Viacom’s Nickelodeon plans to stir new technology into its Noggin subscription service with the acquisition of Sparkler — a move that promises to give parents tools to guide the learning of their preschool-age kids.

Nick on Friday announced the deal to acquire New York-based Sparkler, an early-childhood learning technology platform. The cabler also appointed Sparkler co-founder and CEO Kristen Kane (pictured above) as the new head of for the Noggin direct-to-consumer service.

A Nick rep declined to reveal how much the company paid for Sparkler or how many employees it has. Sparkler, founded in 2015, had received funding from angel investors and selected grants, including from the NewSchools Venture Fund, a nonprofit educational organization.

Nickelodeon said that over the next year, Sparkler’s technology — designed to measure child development and coach parents on improving their kids’ learning — will be integrated into Noggin’s platform. That will provide tools for parents to guide their kids’ development through “engaging, playable content and experiences on and off screen.”

In addition, Nick said Sparkler will continue to work with schools, healthcare providers, and social-services providers through a new Viacom-backed nonprofit org called Sparkler Learning.

First launched in 2015, Noggin costs $7.99 per month and includes access to more than 1,500 episodes of kids’ TV shows, short-form videos and music videos, and other content — all without any ads.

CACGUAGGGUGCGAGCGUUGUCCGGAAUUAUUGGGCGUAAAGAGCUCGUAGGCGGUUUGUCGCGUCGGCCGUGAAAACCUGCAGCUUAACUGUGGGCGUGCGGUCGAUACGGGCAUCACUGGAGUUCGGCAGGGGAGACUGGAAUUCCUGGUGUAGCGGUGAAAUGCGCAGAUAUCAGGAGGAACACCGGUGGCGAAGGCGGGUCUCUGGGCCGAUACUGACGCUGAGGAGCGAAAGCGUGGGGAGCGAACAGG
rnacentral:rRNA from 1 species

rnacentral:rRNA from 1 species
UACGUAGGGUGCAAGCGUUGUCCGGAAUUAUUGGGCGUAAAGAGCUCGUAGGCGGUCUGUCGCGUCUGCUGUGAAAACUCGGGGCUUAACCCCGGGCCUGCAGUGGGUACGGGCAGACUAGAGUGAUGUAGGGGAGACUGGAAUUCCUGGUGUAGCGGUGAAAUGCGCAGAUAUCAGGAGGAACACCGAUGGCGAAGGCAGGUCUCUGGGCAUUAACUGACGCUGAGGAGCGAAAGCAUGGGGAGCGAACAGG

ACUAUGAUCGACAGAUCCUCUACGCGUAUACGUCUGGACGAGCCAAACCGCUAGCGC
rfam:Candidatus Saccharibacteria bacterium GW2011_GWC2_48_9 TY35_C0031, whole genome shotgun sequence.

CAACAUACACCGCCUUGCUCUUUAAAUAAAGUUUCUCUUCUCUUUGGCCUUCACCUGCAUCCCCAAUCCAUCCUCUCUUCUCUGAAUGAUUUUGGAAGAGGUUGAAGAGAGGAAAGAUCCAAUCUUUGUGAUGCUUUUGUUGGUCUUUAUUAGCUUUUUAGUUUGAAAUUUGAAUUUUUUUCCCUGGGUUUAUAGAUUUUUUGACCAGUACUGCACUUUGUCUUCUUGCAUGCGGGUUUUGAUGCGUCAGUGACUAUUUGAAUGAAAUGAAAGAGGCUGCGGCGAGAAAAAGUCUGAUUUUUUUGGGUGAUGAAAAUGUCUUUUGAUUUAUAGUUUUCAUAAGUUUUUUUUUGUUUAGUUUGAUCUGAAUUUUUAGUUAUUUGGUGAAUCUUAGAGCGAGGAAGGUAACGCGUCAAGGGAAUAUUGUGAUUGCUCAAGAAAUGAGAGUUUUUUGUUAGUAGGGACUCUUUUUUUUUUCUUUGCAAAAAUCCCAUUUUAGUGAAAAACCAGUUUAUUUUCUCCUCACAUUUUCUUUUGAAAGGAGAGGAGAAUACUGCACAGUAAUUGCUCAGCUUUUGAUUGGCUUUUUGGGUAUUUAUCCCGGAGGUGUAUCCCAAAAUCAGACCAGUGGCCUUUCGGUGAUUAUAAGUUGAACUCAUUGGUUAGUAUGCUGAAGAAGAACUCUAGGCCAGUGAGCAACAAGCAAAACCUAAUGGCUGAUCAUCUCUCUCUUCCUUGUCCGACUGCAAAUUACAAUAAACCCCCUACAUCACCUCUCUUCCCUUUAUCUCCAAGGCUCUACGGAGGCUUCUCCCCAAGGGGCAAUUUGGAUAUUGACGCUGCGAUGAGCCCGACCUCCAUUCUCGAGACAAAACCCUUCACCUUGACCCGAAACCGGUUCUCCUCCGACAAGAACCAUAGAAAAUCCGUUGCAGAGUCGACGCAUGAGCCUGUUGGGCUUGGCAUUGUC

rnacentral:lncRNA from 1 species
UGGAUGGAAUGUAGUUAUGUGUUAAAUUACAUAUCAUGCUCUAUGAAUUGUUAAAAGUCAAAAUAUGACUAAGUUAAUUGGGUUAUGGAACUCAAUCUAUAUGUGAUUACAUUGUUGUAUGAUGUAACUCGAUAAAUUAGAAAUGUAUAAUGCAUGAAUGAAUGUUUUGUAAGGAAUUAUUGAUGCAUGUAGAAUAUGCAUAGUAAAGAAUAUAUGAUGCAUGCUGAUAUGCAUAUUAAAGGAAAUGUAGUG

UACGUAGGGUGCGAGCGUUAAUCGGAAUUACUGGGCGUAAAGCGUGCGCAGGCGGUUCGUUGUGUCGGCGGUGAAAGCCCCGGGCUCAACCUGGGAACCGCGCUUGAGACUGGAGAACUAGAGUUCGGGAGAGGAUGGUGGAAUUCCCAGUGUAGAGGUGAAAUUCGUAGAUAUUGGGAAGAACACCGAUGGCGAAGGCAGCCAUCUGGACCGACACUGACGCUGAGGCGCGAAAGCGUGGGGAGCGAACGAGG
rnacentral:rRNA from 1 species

Kane, newly appointed to the role Noggin’s executive VP, will oversee the integration of Sparkler and drive Noggin’s strategy and next phase of development as an educational digital platform. She will be based in New York and report to Nickelodeon president Brian Robbins.

Robert Delacruz will continue as general manager of Noggin, now reporting to Kane.

“Pairing Sparkler’s capabilities with our curriculum-driven content will fully transform Noggin into a premier interactive learning destination for preschoolers and their families,” Robbins said in announcing the deal. He added that Kane “brings extensive experience in the education and technology space, and she will help drive Noggin’s growth with an increased focus on delivering even greater value to our direct-to-consumer service.”

Prior to co-founding Sparkler, Kane was the founding COO of Amplify, an education-tech company that developed learning experiences for students in K-12 grades. Prior to that, she was COO of the New York City Department of Education under former Mayor Mike Bloomberg’s administration. She also worked at the FCC, where she led the development of strategies for applying broadband technologies in education, healthcare, and energy sectors.

Nickelodeon hasn’t disclosed how many subscribers it has signed up for Noggin, but claims it tripled its sub based in 2018 from the year prior. Noggin is available for iPad, iPhone, Apple TV, Android, Fire tablet and Roku devices, as well as on Amazon’s Prime Video Channels and the Roku Channel.

Shows currently on the Noggin service include “PAW Patrol,” “Blaze and the Monster Machines,” “Peppa Pig,” and “Bubble Guppies,” along with library titles including “Dora the Explorer,” “Blue’s Clues,” “Team Umizoomi” and “Yo Gabba Gabba!”